Designing a Renewable Food System

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Thousands of organizations seeking food system change have pointed out the negative environmental and societal consequences of our current system, which many say is propped up on “too big to fail,” hyper-efficient production. The often quoted, Nixon-era agricultural mandate of “get big or get out”—a widely attributed pivot point in American agriculture from a diverse family farming system to the current corporate business form—mirrored the business zeitgeist of the time, building on the mid-20th-century ideal of industrialization and globalization.

Other systems, including our energy, water, and transportation systems, also fell in line with that ethos; but unlike the food system, these sectors are undertaking 21st-century upgrades that comport better with our modern norms and realities by creating more decentralized systems that are better adapted to local geography and sociology. Food system change agents stand to learn from the public policy trajectory of renewable energy in particular. The renewable energy industry currently employs 6.5 million worldwide with $329 billion in investments in 2015, and a number of its effective strategies would adapt well to food system reform.

1. Using public contracts to express public values and create markets for smaller producers.

The starting point for renewable energy was the Public Utility Regulatory Policies Act (PURPA), enacted during the oil crisis of 1978. It opened the door to a new energy system structure by requiring that utilities source a percentage of their energy from independent producers. Building on that, many states later required metric-based targets (Nevada set an early example with its goal of 25 percent renewable energy by 2025) as part of a suite of policy tools supporting the development of renewable energy, called renewable portfolio standards (RPS).

This metric-based approach finds parallel in the food procurement power of public institutions. A national example is Brazil, which passed a law requiring that schools spend 30 percent of their meal budgets on food produced by the country’s millions of smallholder farmers. The program is credited with providing economic viability to that farm sector, through access to a guaranteed market in a direct relationship with government.

School food is also a large public food sector in the United States. The National School Lunch Program spends more than $11 billion annually to feed the 30 million children who qualify for free or reduced-price lunches. The USDA Commodity program provides an additional $200 million or so per year in supplemental food to schools. Given this, federal targets to support local farms in school food purchases would undoubtedly make a meaningful shift in supporting the local farm economy, bolstering its existing Farm to School technical support and grant program.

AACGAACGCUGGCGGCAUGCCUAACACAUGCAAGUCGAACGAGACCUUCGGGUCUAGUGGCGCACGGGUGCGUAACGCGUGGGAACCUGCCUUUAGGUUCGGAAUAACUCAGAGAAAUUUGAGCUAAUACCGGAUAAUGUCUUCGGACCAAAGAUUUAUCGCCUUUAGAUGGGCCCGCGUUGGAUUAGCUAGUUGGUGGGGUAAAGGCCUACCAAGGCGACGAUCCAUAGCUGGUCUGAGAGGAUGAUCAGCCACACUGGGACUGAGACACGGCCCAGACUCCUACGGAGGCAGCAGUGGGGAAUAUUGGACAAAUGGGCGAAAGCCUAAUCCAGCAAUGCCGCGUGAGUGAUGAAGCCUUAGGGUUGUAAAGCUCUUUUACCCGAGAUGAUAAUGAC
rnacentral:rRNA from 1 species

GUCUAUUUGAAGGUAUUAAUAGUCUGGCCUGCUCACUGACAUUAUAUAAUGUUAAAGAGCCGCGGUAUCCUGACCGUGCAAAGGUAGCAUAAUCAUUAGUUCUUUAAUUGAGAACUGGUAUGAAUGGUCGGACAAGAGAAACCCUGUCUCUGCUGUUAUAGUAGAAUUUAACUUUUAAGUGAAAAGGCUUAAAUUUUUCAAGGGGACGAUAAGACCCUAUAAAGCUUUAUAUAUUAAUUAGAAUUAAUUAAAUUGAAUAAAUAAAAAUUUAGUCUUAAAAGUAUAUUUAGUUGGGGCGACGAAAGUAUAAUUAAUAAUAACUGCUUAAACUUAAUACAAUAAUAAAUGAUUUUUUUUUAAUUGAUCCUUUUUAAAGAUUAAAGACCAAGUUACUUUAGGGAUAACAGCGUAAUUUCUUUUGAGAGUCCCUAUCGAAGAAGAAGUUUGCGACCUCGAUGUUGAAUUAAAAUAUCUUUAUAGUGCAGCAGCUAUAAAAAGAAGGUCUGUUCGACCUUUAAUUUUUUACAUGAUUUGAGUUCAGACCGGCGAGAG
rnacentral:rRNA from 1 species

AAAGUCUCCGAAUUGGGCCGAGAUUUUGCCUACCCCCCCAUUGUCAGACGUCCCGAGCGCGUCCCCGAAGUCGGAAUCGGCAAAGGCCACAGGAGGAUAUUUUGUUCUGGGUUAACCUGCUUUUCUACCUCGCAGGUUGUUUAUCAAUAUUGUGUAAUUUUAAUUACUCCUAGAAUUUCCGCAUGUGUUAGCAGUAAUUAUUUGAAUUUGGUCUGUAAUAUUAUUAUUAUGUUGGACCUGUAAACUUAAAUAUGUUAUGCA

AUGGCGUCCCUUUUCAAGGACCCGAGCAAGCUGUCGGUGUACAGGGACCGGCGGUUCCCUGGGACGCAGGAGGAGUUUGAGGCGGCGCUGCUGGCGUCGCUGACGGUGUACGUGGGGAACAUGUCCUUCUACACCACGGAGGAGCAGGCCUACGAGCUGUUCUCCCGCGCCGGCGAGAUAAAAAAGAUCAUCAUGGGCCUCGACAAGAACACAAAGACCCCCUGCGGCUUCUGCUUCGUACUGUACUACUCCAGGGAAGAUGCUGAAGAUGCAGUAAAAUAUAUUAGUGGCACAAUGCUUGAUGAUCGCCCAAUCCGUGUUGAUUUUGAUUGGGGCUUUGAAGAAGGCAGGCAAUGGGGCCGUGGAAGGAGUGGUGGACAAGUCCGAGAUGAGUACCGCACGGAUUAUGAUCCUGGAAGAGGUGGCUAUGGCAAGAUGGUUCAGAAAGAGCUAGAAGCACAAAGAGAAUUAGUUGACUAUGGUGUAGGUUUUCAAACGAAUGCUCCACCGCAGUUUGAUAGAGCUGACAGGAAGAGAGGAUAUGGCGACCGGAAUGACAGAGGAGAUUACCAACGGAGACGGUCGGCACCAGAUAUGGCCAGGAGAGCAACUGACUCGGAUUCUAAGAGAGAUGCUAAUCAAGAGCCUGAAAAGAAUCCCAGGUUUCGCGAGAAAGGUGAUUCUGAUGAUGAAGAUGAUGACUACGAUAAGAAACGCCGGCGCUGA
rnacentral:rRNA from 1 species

But such targets would address only part of the food system picture. Community and environmental health are also important parts of a modern food system. Metrics based on these values (such as targets for healthy corner stores, sustainably produced food purchases, and purchases of food from fair labor producers and suppliers) would drive healthy food access, economic viability for the range of participants in the food chain, and a system of agriculture that supports regenerative farming practices.

Farmworkers harvest melons at an organic farm in Firebaugh, California (Photo by Paula Daniels)

A number of food procurement programs already incorporate environmental sustainability values into their goals, including Real Food Challenge for universities and Health Care Without Harm for hospitals. The Good Food Purchasing Program is even more analogous to the RPS system, in that it targets the public procurement dollars of school districts and is metric driven, emphasizing in equal measure five core values: local economies, environmental sustainability, valued workforce, animal welfare, and nutrition. It is designed to work for the food system in the way that LEED certification works for energy efficiency in buildings; it has a flexible, performance-based set of guidelines within a metric framework, as well as a ratings incentive.

A region could leverage these program tools and others toward achieving food system goals. Such regional goals for school food, hospitals, military bases, and other publicly funded food programs in each area would create more than enough aggregate dollars to make a notable difference in the food chain. Nationally networked, regional procurement goals would also have a powerful influence on the federal role in the food system.

2. Recognizing that regional governments are nimble leaders.